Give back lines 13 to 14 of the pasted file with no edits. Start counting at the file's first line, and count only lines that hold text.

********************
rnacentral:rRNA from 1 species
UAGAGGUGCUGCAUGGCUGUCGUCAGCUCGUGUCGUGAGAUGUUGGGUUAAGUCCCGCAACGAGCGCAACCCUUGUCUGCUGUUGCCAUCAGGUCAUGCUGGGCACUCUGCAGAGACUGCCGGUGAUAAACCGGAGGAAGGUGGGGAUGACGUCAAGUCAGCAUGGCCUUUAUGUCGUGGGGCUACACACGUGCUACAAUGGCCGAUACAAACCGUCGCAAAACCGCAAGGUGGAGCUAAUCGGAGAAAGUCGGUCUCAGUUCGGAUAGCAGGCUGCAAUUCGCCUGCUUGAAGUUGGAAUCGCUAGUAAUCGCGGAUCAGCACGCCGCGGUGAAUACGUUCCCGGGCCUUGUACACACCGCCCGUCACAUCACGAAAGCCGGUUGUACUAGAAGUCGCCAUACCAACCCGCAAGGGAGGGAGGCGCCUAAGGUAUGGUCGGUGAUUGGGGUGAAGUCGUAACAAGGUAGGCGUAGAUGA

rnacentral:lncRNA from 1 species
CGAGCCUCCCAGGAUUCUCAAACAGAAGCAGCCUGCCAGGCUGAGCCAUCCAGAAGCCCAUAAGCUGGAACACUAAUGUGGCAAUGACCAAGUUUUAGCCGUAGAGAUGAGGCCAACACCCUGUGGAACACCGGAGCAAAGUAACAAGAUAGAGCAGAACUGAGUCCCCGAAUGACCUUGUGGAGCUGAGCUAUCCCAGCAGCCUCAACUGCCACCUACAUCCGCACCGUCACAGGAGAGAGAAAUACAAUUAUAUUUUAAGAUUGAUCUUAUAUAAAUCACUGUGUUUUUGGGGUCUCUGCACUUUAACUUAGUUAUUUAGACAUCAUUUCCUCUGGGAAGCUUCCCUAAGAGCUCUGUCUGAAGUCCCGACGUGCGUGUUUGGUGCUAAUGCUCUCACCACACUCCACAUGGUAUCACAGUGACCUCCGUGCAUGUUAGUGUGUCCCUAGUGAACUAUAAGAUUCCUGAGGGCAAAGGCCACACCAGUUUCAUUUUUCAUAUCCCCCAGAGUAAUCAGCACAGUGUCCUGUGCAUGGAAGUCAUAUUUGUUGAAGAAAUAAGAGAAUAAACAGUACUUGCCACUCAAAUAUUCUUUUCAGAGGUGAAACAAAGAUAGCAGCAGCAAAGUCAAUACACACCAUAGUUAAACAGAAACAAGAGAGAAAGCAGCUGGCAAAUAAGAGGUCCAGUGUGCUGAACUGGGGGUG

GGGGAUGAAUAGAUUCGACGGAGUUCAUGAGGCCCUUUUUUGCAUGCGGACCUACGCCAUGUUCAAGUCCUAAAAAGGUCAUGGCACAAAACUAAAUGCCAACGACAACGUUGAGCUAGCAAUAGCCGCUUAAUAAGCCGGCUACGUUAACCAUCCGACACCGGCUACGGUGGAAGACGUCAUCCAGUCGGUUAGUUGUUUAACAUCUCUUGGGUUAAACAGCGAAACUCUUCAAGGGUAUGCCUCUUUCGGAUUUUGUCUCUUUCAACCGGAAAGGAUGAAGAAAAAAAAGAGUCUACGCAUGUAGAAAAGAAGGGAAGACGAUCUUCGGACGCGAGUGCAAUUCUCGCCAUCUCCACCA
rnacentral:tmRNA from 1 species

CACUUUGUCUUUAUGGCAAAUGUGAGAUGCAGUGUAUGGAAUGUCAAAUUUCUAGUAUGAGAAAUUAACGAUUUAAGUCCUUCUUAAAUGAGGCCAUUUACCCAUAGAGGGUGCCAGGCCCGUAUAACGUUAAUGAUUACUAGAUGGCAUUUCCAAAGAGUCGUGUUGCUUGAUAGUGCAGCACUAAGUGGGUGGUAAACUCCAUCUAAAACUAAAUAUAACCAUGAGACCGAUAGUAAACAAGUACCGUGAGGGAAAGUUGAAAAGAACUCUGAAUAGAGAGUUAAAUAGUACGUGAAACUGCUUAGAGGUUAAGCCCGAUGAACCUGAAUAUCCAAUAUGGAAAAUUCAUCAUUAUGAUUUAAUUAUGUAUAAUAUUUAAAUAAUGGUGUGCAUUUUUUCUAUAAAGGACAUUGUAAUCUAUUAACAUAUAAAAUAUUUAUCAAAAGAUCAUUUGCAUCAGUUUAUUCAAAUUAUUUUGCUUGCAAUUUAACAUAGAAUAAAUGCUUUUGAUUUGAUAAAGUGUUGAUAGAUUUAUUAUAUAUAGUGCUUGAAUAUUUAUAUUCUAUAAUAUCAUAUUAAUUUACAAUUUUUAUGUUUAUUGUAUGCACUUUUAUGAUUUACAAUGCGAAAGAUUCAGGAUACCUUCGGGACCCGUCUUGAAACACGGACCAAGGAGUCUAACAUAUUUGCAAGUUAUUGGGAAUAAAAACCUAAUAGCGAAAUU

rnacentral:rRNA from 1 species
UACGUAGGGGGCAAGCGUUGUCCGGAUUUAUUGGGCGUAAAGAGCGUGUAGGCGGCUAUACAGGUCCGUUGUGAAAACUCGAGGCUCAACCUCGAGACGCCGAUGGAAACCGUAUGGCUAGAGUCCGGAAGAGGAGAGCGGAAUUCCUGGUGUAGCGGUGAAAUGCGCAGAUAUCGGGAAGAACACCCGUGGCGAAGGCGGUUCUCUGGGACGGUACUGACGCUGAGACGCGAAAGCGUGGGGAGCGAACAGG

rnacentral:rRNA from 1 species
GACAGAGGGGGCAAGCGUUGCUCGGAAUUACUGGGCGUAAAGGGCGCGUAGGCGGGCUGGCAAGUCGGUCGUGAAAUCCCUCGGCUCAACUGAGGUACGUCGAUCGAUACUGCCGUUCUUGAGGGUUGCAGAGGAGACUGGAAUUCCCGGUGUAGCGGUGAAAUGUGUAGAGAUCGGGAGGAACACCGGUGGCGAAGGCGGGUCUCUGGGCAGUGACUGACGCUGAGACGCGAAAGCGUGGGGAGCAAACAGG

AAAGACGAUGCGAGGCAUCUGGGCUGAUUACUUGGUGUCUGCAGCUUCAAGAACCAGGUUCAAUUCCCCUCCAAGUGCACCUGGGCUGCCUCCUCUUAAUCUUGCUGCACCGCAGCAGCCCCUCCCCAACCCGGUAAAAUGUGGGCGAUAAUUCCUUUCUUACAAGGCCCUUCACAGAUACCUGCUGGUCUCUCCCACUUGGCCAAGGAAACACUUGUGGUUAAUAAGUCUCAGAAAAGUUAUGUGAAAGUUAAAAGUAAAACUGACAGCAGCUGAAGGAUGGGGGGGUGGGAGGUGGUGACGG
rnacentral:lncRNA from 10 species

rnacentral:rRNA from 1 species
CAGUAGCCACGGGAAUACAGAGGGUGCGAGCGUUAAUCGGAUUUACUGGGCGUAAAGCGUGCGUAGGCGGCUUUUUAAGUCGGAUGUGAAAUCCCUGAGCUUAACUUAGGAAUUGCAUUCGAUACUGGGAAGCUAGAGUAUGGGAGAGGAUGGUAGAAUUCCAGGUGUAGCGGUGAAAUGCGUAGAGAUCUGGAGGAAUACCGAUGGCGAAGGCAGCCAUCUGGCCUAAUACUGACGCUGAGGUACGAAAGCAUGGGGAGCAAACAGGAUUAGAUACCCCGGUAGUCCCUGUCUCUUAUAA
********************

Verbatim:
rnacentral:lncRNA from 10 species

rnacentral:rRNA from 1 species